updated 1/4/2004 10:24:25 PM ET 2004-01-05T03:24:25

A six-wheeled rover appeared on track Sunday to become the biggest Web draw in NASA history, just hours after it safely landed on Mars.

Traffic on Web sites operated by the National Aeronautics and Space Administration climbed steadily Sunday, as computer users around the world logged on to see the first images of Mars taken by the Spirit rover.

NASA recorded 109 million hits on its home page and related Web sites during the 24-hour period coinciding with the late Saturday landing of Spirit on Mars. Nearly 17 hours after the successful landing, that figure had more than doubled, said Brian Dunbar, NASA’s Internet services manager.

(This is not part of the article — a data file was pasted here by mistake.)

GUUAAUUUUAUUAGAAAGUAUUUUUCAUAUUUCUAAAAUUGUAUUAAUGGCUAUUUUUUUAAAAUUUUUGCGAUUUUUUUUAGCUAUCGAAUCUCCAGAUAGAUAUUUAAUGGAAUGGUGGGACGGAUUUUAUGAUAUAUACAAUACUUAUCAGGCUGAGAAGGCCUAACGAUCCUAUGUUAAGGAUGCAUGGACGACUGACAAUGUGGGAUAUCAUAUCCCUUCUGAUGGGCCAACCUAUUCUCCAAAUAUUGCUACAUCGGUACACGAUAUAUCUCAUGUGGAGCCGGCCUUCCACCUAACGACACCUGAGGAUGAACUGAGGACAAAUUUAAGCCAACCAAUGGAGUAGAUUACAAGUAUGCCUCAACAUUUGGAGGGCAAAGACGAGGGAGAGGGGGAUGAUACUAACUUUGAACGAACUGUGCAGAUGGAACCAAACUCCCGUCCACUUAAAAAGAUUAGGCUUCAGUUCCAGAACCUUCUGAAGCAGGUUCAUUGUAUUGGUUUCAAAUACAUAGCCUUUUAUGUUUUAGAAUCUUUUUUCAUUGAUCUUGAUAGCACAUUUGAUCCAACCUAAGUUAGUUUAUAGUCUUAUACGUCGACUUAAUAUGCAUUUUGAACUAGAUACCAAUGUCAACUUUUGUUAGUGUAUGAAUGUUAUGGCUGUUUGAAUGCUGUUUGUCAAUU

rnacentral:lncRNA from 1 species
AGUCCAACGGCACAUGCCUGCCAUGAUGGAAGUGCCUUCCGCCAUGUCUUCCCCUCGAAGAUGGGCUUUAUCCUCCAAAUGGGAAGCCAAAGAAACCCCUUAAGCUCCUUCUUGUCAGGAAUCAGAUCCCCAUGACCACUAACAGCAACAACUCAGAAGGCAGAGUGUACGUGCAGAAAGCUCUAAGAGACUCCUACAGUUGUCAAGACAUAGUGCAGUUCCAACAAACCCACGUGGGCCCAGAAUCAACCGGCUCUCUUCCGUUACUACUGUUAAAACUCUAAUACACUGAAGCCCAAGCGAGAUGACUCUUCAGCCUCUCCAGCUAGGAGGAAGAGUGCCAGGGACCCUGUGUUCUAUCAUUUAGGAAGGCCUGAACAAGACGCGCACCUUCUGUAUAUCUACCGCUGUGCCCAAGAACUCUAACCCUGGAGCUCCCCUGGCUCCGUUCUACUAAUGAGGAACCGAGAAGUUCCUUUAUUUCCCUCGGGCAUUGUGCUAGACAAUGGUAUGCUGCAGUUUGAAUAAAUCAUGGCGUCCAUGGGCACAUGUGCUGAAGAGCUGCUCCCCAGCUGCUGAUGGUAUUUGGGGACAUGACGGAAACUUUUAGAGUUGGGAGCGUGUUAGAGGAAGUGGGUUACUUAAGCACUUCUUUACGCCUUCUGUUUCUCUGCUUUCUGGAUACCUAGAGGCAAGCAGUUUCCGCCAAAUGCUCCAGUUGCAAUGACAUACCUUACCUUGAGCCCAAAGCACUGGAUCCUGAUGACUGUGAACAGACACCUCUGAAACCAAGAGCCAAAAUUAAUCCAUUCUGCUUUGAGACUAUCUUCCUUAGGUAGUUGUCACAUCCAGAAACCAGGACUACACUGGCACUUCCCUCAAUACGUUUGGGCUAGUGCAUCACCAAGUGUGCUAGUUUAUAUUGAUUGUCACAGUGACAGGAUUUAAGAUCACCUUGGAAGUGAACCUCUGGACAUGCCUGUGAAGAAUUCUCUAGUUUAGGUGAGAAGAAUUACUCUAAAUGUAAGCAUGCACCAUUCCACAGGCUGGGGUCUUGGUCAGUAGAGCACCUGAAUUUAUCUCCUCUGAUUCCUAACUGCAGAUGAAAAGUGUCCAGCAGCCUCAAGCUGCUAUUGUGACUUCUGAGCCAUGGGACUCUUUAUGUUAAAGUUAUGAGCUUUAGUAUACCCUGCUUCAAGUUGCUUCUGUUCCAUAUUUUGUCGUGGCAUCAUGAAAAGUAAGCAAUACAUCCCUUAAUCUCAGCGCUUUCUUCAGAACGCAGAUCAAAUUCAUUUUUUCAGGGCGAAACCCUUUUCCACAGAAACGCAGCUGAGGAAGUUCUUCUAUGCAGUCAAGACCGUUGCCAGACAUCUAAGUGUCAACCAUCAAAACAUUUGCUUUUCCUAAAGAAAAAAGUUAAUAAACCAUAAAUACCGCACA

“As we put out more pictures, we’ll continue to see that,” Dunbar said of the steady growth in traffic. To support the onslaught, NASA is relying on 1,300 servers around the world to host Web pages containing details of the Spirit mission.

The loss of the space shuttle Columbia and its crew nearly a year ago and the landing of the Pathfinder spacecraft on Mars in 1997 each drew about 750 million hits. By midday Sunday, less than a day into a mission expected to last 90 days, Spirit-related Web sites were already at roughly one-third that tally.

NASA recorded 47 million hits during the busiest 24-hour period of the Pathfinder mission, which sent the tiny Sojourner rover scurrying across the surface of Mars. At the time, it was among the busiest Web events ever on the then-nascent medium.

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